This morning was my first birding outing since my wife had major surgery in mid-July. For the past five weeks, it was much more important for me to be with her in the hospital (and a day in the emergency room), taking her to multiple doctor visits, and caring for her at home, rather than going out with my camera.
Now that she has progressed to a point in her multi-month recovery where I am comfortable leaving her alone for a few hours, I did a short birding trip up to the Blue Ridge Parkway, and spent 90 minutes (10:00 to 11:30 a.m.) on Route 610 between mm. 2 and mm. 4 of the parkway. Although I logged 19 avian species, warblers were few and far between. Cerulean Warblers, commonly seen there, had already migrated. This species usually is gone by the third week of August, although I did photograph one in this area on September 6th in 2020. The Chestnut-sided Warbler I saw this morning was a migrating bird, as I had only seen them this summer near mm. 12 of the parkway.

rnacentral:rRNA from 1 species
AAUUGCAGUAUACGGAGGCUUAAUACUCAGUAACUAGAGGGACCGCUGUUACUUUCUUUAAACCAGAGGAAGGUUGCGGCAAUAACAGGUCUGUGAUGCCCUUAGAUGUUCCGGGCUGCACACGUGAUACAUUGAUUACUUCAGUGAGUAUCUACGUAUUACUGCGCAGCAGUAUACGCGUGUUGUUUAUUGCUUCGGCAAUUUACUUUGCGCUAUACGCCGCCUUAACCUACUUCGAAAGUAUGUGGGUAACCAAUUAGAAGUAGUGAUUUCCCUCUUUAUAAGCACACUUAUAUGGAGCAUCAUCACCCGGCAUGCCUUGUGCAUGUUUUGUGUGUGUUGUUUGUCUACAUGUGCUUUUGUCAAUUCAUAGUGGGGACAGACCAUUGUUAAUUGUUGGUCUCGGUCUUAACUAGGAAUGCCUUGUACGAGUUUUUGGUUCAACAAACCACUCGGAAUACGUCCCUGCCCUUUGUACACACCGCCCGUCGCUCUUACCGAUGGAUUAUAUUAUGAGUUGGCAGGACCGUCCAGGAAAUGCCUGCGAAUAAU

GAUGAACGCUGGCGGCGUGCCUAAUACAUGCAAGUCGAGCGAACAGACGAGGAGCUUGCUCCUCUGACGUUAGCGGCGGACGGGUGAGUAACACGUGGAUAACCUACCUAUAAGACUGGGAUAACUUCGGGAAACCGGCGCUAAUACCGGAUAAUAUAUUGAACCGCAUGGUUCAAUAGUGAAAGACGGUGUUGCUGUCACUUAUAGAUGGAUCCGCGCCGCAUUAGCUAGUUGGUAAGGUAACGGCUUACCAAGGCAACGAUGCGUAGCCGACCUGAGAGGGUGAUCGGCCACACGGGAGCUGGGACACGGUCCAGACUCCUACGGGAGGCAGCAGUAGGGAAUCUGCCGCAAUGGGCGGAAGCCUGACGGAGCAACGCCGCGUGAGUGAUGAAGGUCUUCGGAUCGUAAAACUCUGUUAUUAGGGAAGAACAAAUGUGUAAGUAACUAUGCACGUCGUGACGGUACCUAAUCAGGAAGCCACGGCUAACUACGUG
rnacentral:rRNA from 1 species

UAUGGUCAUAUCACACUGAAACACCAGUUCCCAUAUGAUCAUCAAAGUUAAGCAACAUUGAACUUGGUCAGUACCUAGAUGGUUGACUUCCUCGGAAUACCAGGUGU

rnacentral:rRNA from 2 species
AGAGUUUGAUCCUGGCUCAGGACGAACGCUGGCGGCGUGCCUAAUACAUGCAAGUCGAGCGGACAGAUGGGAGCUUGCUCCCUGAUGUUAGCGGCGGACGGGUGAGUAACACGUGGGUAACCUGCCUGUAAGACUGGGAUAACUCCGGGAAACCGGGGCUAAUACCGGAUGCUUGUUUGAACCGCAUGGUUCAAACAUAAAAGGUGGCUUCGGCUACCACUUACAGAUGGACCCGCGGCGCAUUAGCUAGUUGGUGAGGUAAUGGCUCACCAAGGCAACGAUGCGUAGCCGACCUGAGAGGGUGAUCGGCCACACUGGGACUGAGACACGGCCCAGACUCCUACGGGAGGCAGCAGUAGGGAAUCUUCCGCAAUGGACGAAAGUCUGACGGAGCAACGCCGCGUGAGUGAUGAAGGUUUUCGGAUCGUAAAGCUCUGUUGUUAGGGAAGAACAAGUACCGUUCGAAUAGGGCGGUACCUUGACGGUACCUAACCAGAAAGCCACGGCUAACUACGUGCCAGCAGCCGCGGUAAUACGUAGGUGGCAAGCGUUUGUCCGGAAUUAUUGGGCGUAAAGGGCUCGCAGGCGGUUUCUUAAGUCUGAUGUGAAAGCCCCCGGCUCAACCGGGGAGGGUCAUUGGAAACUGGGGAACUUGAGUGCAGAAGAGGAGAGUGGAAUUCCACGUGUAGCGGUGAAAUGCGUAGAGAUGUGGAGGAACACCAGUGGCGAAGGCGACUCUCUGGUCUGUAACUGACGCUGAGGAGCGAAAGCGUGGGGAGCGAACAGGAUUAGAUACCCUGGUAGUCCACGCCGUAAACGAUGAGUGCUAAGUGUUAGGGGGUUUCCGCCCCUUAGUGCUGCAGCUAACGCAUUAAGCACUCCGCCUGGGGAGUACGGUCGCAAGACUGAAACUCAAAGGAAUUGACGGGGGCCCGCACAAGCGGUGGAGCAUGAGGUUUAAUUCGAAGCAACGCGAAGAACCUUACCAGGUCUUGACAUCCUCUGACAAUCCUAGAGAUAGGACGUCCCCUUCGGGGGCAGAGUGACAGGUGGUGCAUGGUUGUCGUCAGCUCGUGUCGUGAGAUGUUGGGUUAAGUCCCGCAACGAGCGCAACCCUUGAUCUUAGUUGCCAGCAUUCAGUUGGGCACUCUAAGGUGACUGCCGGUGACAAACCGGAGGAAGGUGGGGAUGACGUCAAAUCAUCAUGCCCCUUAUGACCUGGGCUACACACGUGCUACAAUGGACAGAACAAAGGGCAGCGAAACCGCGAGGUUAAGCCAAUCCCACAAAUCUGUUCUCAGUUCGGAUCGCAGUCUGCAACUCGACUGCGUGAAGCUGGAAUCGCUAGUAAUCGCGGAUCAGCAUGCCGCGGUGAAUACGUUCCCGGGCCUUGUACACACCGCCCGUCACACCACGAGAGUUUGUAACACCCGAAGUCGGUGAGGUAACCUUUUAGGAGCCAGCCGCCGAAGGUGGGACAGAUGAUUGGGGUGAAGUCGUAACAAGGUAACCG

There is a lot of flowering jewel weed along Route 610, and it is a favorite of Ruby-throated Hummingbirds. I saw quite a few of them this morning, and believe it or not, it was my first time seeing a hummingbird in 2022.
Route 610 was really dense with lush vegetation, and will be a great location for migrating warblers this year. They should be moving through the area in full swing in another week or two, and I am hoping that Alice will have recovered enough by then for me to do more and longer trips to the parkway and Route 610.